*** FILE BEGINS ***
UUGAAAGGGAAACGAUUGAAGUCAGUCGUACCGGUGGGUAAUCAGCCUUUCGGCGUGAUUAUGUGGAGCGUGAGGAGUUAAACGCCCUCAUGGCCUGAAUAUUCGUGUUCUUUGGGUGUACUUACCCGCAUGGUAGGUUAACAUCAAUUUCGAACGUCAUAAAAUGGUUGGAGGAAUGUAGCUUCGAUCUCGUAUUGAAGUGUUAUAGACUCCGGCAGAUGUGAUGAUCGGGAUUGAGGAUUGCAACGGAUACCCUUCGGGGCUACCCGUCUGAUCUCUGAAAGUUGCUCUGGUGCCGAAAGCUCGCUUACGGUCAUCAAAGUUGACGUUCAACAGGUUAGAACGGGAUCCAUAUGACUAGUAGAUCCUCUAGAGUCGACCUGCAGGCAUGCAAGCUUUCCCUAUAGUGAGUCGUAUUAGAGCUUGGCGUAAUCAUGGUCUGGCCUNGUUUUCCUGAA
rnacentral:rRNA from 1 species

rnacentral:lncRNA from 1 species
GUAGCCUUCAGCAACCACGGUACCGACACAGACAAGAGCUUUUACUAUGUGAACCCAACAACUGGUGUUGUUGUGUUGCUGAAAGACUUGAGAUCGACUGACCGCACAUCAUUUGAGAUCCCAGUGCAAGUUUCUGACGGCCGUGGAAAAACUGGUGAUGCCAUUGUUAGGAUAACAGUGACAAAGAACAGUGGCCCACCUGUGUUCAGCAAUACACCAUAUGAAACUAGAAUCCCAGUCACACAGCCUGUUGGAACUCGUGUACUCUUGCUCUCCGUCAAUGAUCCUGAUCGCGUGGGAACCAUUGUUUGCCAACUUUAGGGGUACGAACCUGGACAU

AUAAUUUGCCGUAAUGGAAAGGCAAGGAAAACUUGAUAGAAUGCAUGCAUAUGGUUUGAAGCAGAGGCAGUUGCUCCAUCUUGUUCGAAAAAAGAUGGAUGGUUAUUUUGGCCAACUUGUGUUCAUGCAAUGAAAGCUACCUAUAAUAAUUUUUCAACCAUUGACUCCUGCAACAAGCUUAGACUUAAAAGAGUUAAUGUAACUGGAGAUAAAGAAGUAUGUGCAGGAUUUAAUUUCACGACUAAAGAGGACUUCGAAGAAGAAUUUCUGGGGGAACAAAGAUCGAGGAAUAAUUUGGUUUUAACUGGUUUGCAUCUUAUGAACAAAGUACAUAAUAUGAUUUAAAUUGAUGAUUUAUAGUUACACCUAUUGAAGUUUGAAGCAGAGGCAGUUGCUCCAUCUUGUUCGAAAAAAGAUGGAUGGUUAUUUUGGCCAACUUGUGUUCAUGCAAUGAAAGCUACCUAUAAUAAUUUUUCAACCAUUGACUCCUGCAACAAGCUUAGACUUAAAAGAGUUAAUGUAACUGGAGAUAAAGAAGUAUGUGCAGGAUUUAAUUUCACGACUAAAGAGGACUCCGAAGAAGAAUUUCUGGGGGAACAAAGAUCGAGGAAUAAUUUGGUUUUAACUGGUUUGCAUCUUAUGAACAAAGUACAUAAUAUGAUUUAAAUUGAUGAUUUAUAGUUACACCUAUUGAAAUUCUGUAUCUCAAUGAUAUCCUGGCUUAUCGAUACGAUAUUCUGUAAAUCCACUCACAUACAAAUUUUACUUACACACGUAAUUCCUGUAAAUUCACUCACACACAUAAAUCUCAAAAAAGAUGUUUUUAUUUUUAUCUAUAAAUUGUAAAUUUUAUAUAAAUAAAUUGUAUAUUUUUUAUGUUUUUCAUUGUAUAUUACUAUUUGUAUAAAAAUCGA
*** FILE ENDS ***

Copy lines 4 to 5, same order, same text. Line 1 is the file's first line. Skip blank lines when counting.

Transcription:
GUAGCCUUCAGCAACCACGGUACCGACACAGACAAGAGCUUUUACUAUGUGAACCCAACAACUGGUGUUGUUGUGUUGCUGAAAGACUUGAGAUCGACUGACCGCACAUCAUUUGAGAUCCCAGUGCAAGUUUCUGACGGCCGUGGAAAAACUGGUGAUGCCAUUGUUAGGAUAACAGUGACAAAGAACAGUGGCCCACCUGUGUUCAGCAAUACACCAUAUGAAACUAGAAUCCCAGUCACACAGCCUGUUGGAACUCGUGUACUCUUGCUCUCCGUCAAUGAUCCUGAUCGCGUGGGAACCAUUGUUUGCCAACUUUAGGGGUACGAACCUGGACAU

AUAAUUUGCCGUAAUGGAAAGGCAAGGAAAACUUGAUAGAAUGCAUGCAUAUGGUUUGAAGCAGAGGCAGUUGCUCCAUCUUGUUCGAAAAAAGAUGGAUGGUUAUUUUGGCCAACUUGUGUUCAUGCAAUGAAAGCUACCUAUAAUAAUUUUUCAACCAUUGACUCCUGCAACAAGCUUAGACUUAAAAGAGUUAAUGUAACUGGAGAUAAAGAAGUAUGUGCAGGAUUUAAUUUCACGACUAAAGAGGACUUCGAAGAAGAAUUUCUGGGGGAACAAAGAUCGAGGAAUAAUUUGGUUUUAACUGGUUUGCAUCUUAUGAACAAAGUACAUAAUAUGAUUUAAAUUGAUGAUUUAUAGUUACACCUAUUGAAGUUUGAAGCAGAGGCAGUUGCUCCAUCUUGUUCGAAAAAAGAUGGAUGGUUAUUUUGGCCAACUUGUGUUCAUGCAAUGAAAGCUACCUAUAAUAAUUUUUCAACCAUUGACUCCUGCAACAAGCUUAGACUUAAAAGAGUUAAUGUAACUGGAGAUAAAGAAGUAUGUGCAGGAUUUAAUUUCACGACUAAAGAGGACUCCGAAGAAGAAUUUCUGGGGGAACAAAGAUCGAGGAAUAAUUUGGUUUUAACUGGUUUGCAUCUUAUGAACAAAGUACAUAAUAUGAUUUAAAUUGAUGAUUUAUAGUUACACCUAUUGAAAUUCUGUAUCUCAAUGAUAUCCUGGCUUAUCGAUACGAUAUUCUGUAAAUCCACUCACAUACAAAUUUUACUUACACACGUAAUUCCUGUAAAUUCACUCACACACAUAAAUCUCAAAAAAGAUGUUUUUAUUUUUAUCUAUAAAUUGUAAAUUUUAUAUAAAUAAAUUGUAUAUUUUUUAUGUUUUUCAUUGUAUAUUACUAUUUGUAUAAAAAUCGA